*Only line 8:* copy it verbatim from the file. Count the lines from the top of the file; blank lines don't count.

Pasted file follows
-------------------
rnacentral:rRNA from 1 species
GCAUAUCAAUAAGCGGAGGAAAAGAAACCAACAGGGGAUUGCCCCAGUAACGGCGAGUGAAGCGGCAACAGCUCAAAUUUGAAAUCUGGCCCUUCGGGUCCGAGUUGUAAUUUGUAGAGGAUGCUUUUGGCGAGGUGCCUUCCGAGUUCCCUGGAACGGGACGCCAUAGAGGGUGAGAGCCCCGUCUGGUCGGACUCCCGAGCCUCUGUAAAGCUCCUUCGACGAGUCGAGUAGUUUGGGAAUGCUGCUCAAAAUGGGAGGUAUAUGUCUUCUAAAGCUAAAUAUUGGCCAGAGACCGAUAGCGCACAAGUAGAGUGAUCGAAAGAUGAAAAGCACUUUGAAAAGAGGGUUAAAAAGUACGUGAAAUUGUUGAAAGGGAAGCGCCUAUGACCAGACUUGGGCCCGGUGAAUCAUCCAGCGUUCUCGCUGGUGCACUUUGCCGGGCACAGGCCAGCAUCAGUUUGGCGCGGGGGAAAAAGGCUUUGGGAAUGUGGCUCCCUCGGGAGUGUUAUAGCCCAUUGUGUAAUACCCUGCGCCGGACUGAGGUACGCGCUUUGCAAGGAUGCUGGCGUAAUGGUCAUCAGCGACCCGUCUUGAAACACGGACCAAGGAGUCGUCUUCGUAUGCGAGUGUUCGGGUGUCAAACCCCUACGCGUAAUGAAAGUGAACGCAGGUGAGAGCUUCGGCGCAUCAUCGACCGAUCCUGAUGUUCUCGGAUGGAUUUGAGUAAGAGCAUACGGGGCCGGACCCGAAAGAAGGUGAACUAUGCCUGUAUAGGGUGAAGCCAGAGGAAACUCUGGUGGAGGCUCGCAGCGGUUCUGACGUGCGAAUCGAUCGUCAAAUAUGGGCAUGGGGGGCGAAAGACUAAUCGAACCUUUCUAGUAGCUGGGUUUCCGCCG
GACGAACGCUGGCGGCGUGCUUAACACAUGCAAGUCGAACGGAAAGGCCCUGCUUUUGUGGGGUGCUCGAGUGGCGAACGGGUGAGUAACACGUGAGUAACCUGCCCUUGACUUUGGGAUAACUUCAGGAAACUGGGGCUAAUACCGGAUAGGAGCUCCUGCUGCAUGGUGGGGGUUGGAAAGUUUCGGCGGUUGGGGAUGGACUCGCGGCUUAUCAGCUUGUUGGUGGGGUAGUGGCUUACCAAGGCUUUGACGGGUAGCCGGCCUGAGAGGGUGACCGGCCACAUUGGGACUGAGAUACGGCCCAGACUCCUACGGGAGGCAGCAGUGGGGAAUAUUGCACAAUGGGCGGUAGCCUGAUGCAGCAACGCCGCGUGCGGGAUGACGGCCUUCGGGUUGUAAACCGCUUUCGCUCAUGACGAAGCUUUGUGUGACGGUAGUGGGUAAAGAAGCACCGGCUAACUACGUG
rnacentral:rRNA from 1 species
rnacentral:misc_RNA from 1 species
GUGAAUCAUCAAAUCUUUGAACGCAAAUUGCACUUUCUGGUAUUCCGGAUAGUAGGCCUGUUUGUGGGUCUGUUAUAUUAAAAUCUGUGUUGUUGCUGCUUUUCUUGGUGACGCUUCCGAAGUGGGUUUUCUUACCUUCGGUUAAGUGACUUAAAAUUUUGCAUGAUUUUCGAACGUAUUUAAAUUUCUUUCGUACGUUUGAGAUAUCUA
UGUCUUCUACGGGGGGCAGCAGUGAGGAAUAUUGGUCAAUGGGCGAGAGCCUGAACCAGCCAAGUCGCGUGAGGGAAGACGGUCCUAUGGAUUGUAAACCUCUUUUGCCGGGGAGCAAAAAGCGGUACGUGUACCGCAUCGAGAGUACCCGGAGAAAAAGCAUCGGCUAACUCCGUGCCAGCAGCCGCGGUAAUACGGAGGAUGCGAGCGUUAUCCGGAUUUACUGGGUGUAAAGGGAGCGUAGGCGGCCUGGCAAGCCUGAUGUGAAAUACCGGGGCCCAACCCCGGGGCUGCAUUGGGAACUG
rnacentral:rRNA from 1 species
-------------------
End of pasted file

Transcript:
rnacentral:rRNA from 1 species